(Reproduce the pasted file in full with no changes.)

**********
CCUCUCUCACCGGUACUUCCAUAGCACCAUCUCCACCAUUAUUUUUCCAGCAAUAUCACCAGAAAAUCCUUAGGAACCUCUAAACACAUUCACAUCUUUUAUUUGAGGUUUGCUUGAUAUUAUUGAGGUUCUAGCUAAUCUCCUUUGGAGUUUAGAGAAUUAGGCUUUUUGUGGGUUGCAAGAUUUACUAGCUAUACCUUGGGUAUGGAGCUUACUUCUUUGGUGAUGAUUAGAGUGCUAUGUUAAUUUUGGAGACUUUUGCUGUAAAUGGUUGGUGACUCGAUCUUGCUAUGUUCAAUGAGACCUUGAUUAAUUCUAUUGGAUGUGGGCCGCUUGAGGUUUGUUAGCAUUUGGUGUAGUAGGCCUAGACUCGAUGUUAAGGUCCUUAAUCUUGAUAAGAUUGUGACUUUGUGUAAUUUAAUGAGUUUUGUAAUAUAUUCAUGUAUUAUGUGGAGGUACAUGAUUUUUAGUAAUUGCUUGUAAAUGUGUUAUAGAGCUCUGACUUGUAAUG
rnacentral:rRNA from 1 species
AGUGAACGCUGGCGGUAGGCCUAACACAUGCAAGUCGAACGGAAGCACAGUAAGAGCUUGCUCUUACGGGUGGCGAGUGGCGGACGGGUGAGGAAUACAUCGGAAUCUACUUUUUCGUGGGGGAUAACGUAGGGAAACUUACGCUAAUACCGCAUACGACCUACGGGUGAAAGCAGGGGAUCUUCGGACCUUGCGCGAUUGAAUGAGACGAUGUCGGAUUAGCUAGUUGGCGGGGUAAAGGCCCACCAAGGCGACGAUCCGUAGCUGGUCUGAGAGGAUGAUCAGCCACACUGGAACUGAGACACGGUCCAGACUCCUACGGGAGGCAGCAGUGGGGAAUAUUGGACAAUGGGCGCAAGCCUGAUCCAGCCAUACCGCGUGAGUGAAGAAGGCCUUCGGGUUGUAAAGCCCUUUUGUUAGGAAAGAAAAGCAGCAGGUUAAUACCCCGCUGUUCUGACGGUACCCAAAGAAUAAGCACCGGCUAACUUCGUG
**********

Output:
CCUCUCUCACCGGUACUUCCAUAGCACCAUCUCCACCAUUAUUUUUCCAGCAAUAUCACCAGAAAAUCCUUAGGAACCUCUAAACACAUUCACAUCUUUUAUUUGAGGUUUGCUUGAUAUUAUUGAGGUUCUAGCUAAUCUCCUUUGGAGUUUAGAGAAUUAGGCUUUUUGUGGGUUGCAAGAUUUACUAGCUAUACCUUGGGUAUGGAGCUUACUUCUUUGGUGAUGAUUAGAGUGCUAUGUUAAUUUUGGAGACUUUUGCUGUAAAUGGUUGGUGACUCGAUCUUGCUAUGUUCAAUGAGACCUUGAUUAAUUCUAUUGGAUGUGGGCCGCUUGAGGUUUGUUAGCAUUUGGUGUAGUAGGCCUAGACUCGAUGUUAAGGUCCUUAAUCUUGAUAAGAUUGUGACUUUGUGUAAUUUAAUGAGUUUUGUAAUAUAUUCAUGUAUUAUGUGGAGGUACAUGAUUUUUAGUAAUUGCUUGUAAAUGUGUUAUAGAGCUCUGACUUGUAAUG
rnacentral:rRNA from 1 species
AGUGAACGCUGGCGGUAGGCCUAACACAUGCAAGUCGAACGGAAGCACAGUAAGAGCUUGCUCUUACGGGUGGCGAGUGGCGGACGGGUGAGGAAUACAUCGGAAUCUACUUUUUCGUGGGGGAUAACGUAGGGAAACUUACGCUAAUACCGCAUACGACCUACGGGUGAAAGCAGGGGAUCUUCGGACCUUGCGCGAUUGAAUGAGACGAUGUCGGAUUAGCUAGUUGGCGGGGUAAAGGCCCACCAAGGCGACGAUCCGUAGCUGGUCUGAGAGGAUGAUCAGCCACACUGGAACUGAGACACGGUCCAGACUCCUACGGGAGGCAGCAGUGGGGAAUAUUGGACAAUGGGCGCAAGCCUGAUCCAGCCAUACCGCGUGAGUGAAGAAGGCCUUCGGGUUGUAAAGCCCUUUUGUUAGGAAAGAAAAGCAGCAGGUUAAUACCCCGCUGUUCUGACGGUACCCAAAGAAUAAGCACCGGCUAACUUCGUG